The U.S. is taking bigger steps towards more clean energy. In order to comply with new EPA regulations known as the Mercury and Air Toxics Standards, a number of coal plants will be shutting down. According to Treehugger, already this year some 4,600 megawatts of coal has been pulled from the grid, with another 7,700 to follow by year’s end—a total of 12.3 gigawatts or about 1/3 of all coal shut downs since 2010.
“This year's closures represent about 4% of installed U.S. coal capacity and will make up a third of nationwide coal plant retirements between 2010 and 2015,” SNL reports.
While this is good news for the environment and human health, the closings slow down after that.
“The pace of retirements eases in 2016, when units with one-year MATS compliance extensions finally close. Next year, nearly 7,300 MW of coal-based power will shut down. Retirements continue to taper off after that, with less than 7,000 MW slated between 2017 and 2022,” reports SNL. But says Treehugger, “Hopefully by then more will be added to the list.”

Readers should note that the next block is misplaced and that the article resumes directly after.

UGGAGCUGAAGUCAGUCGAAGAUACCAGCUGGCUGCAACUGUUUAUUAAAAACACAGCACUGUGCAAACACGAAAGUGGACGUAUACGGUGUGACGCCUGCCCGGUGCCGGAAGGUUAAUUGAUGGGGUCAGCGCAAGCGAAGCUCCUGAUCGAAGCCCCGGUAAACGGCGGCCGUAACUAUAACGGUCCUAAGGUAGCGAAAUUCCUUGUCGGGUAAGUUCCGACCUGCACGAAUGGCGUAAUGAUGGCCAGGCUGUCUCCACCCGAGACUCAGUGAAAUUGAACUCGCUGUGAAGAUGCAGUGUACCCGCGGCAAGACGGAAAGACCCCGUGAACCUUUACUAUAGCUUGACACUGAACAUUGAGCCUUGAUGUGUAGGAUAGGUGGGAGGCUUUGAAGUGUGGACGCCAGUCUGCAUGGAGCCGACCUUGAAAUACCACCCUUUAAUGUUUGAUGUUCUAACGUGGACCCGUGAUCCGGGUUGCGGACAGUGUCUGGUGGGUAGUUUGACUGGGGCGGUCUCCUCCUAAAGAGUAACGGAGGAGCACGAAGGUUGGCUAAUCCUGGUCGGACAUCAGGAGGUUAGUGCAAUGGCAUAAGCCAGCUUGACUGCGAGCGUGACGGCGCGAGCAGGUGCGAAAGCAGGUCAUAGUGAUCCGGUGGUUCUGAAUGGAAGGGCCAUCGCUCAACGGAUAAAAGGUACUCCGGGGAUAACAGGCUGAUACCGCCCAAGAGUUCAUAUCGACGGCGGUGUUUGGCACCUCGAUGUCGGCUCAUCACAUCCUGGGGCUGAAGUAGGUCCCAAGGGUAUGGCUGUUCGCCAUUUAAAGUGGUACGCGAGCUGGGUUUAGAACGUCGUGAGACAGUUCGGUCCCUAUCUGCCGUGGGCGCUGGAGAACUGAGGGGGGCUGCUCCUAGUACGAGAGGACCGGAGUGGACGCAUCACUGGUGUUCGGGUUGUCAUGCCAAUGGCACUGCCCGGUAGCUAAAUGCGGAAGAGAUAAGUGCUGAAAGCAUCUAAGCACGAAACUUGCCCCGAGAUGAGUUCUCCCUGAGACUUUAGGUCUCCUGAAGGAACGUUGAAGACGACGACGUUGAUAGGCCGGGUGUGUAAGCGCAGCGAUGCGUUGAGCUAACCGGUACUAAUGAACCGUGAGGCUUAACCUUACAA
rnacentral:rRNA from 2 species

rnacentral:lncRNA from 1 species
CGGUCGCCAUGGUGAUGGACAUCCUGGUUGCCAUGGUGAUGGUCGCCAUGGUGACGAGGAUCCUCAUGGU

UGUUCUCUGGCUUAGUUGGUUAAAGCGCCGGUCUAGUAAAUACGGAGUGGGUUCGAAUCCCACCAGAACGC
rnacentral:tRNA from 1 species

And even though things may be slowing down for taking coal off the grid, compliance with MATS means 46,000 megawatts of coal removed from production in the U.S. (by 2022).
“And the coal plants that will remain behind, while far from green, at least won't be quite as bad as the ones that are going away,” reports Treehugger. “The average age of units closing between now and 2022 is 56 years, meaning that many are less efficient and have fewer environmental controls than the surviving coal fleet.”
So what will be replacing coal? “Of the nearly 26,400 MW of coal capacity closed or closing between 2015 and 2022, about 40% will be converted to burn other fuels, mainly natural gas,” reports SNL. “A little over 11,000 MW of the retiring units will switch to gas, with a much smaller 335 MW converting to burn oil and 58 MW to biomass.”
And there’s more good news, according to SNL. There could be even more coal closures after the EPA delivers its final ruling for reduced carbon emissions in the power sector. “The agency's Clean Power Plan for existing plants sets state-specific greenhouse gas intensity reduction targets that are estimated to cut emissions by 30% from 2005 levels by 2030.”
Image via eutrophication&hypoxia
Comments will be approved before showing up.